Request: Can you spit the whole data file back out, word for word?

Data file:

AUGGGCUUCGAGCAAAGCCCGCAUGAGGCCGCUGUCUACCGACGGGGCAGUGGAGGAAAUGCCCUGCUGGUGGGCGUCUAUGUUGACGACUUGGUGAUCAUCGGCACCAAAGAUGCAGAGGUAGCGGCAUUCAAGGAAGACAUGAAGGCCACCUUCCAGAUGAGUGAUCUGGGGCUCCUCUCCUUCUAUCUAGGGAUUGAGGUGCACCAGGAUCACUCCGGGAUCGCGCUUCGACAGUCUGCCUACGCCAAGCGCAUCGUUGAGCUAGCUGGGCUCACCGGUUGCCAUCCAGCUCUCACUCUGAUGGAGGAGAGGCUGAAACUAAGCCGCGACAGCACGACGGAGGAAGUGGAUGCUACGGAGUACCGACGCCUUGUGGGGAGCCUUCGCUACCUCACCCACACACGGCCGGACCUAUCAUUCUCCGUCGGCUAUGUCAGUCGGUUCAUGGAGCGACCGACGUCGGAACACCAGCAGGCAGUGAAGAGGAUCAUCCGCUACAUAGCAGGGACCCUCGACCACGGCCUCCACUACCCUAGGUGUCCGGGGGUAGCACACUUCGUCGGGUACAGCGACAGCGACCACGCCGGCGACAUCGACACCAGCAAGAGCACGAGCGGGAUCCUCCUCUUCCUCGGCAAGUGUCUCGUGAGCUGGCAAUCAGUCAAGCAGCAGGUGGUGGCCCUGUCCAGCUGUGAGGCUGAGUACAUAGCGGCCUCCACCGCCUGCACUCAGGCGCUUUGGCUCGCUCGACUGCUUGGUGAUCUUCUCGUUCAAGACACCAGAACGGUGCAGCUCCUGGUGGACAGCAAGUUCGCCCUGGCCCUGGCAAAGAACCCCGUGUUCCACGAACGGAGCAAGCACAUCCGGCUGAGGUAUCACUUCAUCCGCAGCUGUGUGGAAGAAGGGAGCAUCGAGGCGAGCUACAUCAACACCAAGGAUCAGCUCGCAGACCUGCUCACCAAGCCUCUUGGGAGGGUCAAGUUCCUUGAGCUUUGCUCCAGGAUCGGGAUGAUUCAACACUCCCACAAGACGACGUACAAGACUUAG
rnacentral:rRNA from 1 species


AUGGGCUUCGAGCAAAGCCCGCAUGAGGCCGCUGUCUACCGACGGGGCAGUGGAGGAAAUGCCCUGCUGGUGGGCGUCUAUGUUGACGACUUGGUGAUCAUCGGCACCAAAGAUGCAGAGGUAGCGGCAUUCAAGGAAGACAUGAAGGCCACCUUCCAGAUGAGUGAUCUGGGGCUCCUCUCCUUCUAUCUAGGGAUUGAGGUGCACCAGGAUCACUCCGGGAUCGCGCUUCGACAGUCUGCCUACGCCAAGCGCAUCGUUGAGCUAGCUGGGCUCACCGGUUGCCAUCCAGCUCUCACUCUGAUGGAGGAGAGGCUGAAACUAAGCCGCGACAGCACGACGGAGGAAGUGGAUGCUACGGAGUACCGACGCCUUGUGGGGAGCCUUCGCUACCUCACCCACACACGGCCGGACCUAUCAUUCUCCGUCGGCUAUGUCAGUCGGUUCAUGGAGCGACCGACGUCGGAACACCAGCAGGCAGUGAAGAGGAUCAUCCGCUACAUAGCAGGGACCCUCGACCACGGCCUCCACUACCCUAGGUGUCCGGGGGUAGCACACUUCGUCGGGUACAGCGACAGCGACCACGCCGGCGACAUCGACACCAGCAAGAGCACGAGCGGGAUCCUCCUCUUCCUCGGCAAGUGUCUCGUGAGCUGGCAAUCAGUCAAGCAGCAGGUGGUGGCCCUGUCCAGCUGUGAGGCUGAGUACAUAGCGGCCUCCACCGCCUGCACUCAGGCGCUUUGGCUCGCUCGACUGCUUGGUGAUCUUCUCGUUCAAGACACCAGAACGGUGCAGCUCCUGGUGGACAGCAAGUUCGCCCUGGCCCUGGCAAAGAACCCCGUGUUCCACGAACGGAGCAAGCACAUCCGGCUGAGGUAUCACUUCAUCCGCAGCUGUGUGGAAGAAGGGAGCAUCGAGGCGAGCUACAUCAACACCAAGGAUCAGCUCGCAGACCUGCUCACCAAGCCUCUUGGGAGGGUCAAGUUCCUUGAGCUUUGCUCCAGGAUCGGGAUGAUUCAACACUCCCACAAGACGACGUACAAGACUUAG
rnacentral:rRNA from 1 species